Thread: snow and ice

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    mark sr's Avatar
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    snow and ice

    I have a 2010 jk and it's probably the best 4x4 I've ever had, mostly due to traction control. My driveway is on the north side of a mountain and can get a little hairy in the winter. While I've not had to get out and walk, I have had trouble going up and down at times this year. I know the reason - slid some going down because of slush covered ice, spun/slid going up for the same reason. My wife is convinced that it is a problem with the jeep because in previous years [with no ice] the jeep went up/down without any issues. She wants to buy a new jeep thinking that it's my jeep's fault that it looses traction on ice. How do I convince her a new jeep won't make any difference?

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    JPNinPA's Avatar
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    Directly. How do you loose traction? There is a resistive force between the tire surface and the surface the tire sits on. When you step on the accelerator you are pushing against that resistance. As long as the force you are exerting is less than the surface forces you have traction.


    What changes??
    More torque
    Heavy foot
    Tire resistance
    Surface resistance

    Have you made changes to increase the torque or shifting points?

    Find yourself pressing harder because you think you are going to slide?

    Worn tread
    Different tread
    Wider tires
    Too much or too little air
    Issues with traction control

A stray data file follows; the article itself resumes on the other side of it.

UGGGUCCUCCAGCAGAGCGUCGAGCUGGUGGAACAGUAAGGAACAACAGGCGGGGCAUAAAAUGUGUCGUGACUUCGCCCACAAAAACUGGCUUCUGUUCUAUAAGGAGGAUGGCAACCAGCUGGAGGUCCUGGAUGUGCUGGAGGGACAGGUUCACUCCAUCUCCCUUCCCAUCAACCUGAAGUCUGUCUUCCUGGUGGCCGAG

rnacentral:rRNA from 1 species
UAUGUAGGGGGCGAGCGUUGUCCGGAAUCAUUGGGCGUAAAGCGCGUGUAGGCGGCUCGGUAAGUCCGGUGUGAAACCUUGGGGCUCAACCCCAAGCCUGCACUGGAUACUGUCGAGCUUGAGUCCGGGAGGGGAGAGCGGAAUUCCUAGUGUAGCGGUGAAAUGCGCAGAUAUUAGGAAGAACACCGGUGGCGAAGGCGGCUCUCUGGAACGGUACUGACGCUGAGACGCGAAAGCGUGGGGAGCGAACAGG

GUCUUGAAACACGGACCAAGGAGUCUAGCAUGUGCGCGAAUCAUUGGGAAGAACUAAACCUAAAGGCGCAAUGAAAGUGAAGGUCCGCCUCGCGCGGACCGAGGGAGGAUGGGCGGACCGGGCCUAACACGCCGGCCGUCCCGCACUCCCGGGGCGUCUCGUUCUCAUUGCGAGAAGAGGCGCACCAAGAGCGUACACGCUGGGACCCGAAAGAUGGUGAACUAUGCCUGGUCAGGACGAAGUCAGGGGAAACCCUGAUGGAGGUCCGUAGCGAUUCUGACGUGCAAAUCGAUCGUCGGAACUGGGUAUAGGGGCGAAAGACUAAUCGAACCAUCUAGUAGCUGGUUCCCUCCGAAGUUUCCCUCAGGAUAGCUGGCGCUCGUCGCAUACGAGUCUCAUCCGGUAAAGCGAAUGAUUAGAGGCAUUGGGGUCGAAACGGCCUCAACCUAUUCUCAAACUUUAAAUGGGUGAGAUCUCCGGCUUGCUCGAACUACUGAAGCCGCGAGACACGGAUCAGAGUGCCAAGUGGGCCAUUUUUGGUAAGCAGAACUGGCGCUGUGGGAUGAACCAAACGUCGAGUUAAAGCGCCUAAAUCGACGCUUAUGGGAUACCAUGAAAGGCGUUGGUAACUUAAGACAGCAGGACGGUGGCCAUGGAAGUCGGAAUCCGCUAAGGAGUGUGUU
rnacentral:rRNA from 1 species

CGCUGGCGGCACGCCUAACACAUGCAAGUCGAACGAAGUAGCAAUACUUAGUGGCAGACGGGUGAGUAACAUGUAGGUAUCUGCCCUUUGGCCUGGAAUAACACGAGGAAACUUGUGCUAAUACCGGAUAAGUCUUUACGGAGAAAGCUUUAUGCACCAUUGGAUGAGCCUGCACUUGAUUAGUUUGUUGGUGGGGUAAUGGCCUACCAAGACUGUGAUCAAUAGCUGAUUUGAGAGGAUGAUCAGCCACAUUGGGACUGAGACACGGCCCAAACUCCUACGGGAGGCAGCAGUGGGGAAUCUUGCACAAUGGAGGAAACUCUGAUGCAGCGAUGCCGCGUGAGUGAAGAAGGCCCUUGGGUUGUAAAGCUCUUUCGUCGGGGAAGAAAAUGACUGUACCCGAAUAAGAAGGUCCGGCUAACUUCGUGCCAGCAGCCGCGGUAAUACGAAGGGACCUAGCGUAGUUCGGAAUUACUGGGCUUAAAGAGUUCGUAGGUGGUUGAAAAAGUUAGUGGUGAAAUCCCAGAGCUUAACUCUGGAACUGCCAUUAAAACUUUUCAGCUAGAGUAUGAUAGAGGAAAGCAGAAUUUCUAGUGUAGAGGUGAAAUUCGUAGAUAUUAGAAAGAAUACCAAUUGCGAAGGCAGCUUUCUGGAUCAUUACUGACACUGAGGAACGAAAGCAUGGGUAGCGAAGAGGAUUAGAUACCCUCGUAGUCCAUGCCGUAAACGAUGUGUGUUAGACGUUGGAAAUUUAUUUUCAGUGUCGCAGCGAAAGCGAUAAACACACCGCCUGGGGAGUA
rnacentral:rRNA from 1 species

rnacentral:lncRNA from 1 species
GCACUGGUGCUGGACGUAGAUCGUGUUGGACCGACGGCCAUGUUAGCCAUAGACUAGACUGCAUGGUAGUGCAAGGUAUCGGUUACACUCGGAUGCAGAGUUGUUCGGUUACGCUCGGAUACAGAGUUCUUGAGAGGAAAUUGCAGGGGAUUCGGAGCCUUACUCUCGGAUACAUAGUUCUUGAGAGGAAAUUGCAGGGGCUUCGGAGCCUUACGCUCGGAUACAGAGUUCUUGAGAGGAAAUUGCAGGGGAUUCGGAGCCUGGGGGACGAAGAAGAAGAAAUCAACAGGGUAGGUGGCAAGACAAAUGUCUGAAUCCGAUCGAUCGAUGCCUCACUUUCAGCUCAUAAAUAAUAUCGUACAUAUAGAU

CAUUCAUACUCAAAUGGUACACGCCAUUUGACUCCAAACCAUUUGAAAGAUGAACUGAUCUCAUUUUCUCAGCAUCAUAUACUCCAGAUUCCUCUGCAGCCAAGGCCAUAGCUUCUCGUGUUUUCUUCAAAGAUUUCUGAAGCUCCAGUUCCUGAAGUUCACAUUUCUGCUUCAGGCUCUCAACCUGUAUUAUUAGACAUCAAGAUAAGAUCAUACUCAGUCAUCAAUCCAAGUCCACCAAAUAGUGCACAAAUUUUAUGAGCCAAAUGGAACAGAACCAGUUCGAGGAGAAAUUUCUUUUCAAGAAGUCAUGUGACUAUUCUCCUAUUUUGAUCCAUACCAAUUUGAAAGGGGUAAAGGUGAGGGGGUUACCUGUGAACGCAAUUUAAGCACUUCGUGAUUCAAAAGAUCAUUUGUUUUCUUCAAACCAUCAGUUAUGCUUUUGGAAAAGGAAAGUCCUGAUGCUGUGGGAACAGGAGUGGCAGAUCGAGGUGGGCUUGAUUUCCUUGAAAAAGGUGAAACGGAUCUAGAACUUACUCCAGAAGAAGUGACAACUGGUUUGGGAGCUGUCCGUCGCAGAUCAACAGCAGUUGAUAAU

http://www.edmunds.com/car-reviews/f...vs-summer.html


    Truck tire info
    Dry road
    Friction Coefficient: 0.80
    Rolling Resistance 0.008
    Wet road
    Coefficient: 0.55
    Rolling Resistance Coefficient: 0.008
    Snow
    Friction Coefficient: 0.20
    Rolling Resistance Coefficient: 0.013
    Ice
    Friction Coefficient: 0.10
    Rolling Resistance Coefficient: 0.008
    http://hpwizard.com/tire-friction-coefficient.html
    Last edited by JPNinPA; 02-15-2016 at 09:34 AM.
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    mark sr's Avatar
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    Re: snow and ice

    It goes up and down in plain snow with no problem, it's when there is ice or ice under a thin layer of snow/slush that the jeep has problems. Even though I'm idling in 1st gear, 4 wheel low there are times when the jeep will pick up speed [sliding] going down the driveway. Going up the issue arises when all 4 tires slide on some ice and loose traction. I normally go down hill about 5 mph and 10 mph up hill. My driveway is fairly steep and about .6 of mile long. I know from my previous jeep [xj] that chains will fix it but the jk owners manual states you can't use chains .... I don't believe chains would be an issue since I'd only run them on my road but it is more hassle than I care for.

    My wife is convinced that it is my jeep's fault and we need to buy a new one. I'm having a hard time convincing her that a new jeep wouldn't do any better.

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    JPNinPA's Avatar
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    Quote Originally Posted by mark sr View Post